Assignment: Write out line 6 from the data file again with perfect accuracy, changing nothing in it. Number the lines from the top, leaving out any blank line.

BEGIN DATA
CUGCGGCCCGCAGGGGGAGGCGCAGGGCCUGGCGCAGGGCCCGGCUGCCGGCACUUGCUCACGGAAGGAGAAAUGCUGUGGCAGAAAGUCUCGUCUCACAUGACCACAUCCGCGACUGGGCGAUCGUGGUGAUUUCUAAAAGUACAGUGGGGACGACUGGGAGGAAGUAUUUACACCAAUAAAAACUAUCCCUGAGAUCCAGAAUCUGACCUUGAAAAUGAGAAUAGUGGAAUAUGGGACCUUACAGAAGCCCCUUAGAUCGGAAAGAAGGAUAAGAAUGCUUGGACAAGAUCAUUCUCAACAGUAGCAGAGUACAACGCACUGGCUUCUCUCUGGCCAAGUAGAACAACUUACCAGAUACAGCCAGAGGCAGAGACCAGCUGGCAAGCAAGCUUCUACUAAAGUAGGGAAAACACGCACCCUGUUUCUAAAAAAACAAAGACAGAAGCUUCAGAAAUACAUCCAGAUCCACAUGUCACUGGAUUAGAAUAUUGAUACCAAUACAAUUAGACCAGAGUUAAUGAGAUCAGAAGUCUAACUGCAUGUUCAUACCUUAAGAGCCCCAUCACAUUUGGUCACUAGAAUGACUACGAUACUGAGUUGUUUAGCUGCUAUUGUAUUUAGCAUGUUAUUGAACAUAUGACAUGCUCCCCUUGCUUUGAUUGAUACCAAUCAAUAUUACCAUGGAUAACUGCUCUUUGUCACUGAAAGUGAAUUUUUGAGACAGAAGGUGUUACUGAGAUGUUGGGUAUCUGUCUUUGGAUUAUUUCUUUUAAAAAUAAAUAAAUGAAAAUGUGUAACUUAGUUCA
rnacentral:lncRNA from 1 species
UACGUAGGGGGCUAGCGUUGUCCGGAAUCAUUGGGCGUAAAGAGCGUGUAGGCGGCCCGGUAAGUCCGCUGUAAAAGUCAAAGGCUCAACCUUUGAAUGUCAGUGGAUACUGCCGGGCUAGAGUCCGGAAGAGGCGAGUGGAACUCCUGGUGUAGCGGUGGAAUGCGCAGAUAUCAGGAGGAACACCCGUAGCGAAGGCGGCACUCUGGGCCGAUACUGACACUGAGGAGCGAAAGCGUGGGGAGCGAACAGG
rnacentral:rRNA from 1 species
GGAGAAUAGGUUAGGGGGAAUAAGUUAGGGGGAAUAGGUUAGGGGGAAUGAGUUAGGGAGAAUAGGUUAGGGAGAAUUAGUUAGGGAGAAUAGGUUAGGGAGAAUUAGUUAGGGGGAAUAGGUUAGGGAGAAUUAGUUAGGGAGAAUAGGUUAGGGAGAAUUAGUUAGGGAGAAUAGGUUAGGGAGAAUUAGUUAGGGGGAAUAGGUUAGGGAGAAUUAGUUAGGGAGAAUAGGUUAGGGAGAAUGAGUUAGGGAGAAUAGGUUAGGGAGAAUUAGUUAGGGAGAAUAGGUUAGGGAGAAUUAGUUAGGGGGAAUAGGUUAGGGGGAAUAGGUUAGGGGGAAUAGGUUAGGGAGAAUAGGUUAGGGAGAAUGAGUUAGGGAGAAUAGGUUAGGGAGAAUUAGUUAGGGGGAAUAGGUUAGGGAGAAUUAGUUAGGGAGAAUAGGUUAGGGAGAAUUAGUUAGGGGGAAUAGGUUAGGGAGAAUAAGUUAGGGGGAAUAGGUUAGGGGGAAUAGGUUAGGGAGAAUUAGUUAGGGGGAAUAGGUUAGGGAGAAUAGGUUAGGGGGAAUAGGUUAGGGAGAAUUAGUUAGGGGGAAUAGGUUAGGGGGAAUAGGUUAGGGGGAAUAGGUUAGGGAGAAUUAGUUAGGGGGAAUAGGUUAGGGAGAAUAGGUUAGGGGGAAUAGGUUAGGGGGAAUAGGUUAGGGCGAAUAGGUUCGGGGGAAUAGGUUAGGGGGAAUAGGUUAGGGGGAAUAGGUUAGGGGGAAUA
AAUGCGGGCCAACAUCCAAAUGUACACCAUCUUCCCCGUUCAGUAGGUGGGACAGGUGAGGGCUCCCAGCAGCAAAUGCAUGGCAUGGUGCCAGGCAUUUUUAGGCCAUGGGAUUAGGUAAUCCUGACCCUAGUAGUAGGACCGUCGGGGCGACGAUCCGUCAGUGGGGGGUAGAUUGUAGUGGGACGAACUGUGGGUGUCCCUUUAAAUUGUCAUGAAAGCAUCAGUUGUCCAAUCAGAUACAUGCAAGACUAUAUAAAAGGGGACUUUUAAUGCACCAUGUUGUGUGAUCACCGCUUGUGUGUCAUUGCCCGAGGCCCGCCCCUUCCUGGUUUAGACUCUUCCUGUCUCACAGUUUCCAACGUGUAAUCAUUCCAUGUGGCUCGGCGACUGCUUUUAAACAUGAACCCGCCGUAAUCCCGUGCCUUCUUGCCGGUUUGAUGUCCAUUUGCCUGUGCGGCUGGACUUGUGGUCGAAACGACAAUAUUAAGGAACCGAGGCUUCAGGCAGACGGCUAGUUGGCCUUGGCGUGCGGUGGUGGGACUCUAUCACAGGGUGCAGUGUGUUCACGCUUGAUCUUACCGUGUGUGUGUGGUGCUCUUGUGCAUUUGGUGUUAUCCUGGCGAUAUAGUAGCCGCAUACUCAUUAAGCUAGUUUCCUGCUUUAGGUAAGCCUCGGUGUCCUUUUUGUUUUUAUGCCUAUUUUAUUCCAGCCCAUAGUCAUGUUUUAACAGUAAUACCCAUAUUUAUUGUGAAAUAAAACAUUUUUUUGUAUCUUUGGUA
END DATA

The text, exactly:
AAUGCGGGCCAACAUCCAAAUGUACACCAUCUUCCCCGUUCAGUAGGUGGGACAGGUGAGGGCUCCCAGCAGCAAAUGCAUGGCAUGGUGCCAGGCAUUUUUAGGCCAUGGGAUUAGGUAAUCCUGACCCUAGUAGUAGGACCGUCGGGGCGACGAUCCGUCAGUGGGGGGUAGAUUGUAGUGGGACGAACUGUGGGUGUCCCUUUAAAUUGUCAUGAAAGCAUCAGUUGUCCAAUCAGAUACAUGCAAGACUAUAUAAAAGGGGACUUUUAAUGCACCAUGUUGUGUGAUCACCGCUUGUGUGUCAUUGCCCGAGGCCCGCCCCUUCCUGGUUUAGACUCUUCCUGUCUCACAGUUUCCAACGUGUAAUCAUUCCAUGUGGCUCGGCGACUGCUUUUAAACAUGAACCCGCCGUAAUCCCGUGCCUUCUUGCCGGUUUGAUGUCCAUUUGCCUGUGCGGCUGGACUUGUGGUCGAAACGACAAUAUUAAGGAACCGAGGCUUCAGGCAGACGGCUAGUUGGCCUUGGCGUGCGGUGGUGGGACUCUAUCACAGGGUGCAGUGUGUUCACGCUUGAUCUUACCGUGUGUGUGUGGUGCUCUUGUGCAUUUGGUGUUAUCCUGGCGAUAUAGUAGCCGCAUACUCAUUAAGCUAGUUUCCUGCUUUAGGUAAGCCUCGGUGUCCUUUUUGUUUUUAUGCCUAUUUUAUUCCAGCCCAUAGUCAUGUUUUAACAGUAAUACCCAUAUUUAUUGUGAAAUAAAACAUUUUUUUGUAUCUUUGGUA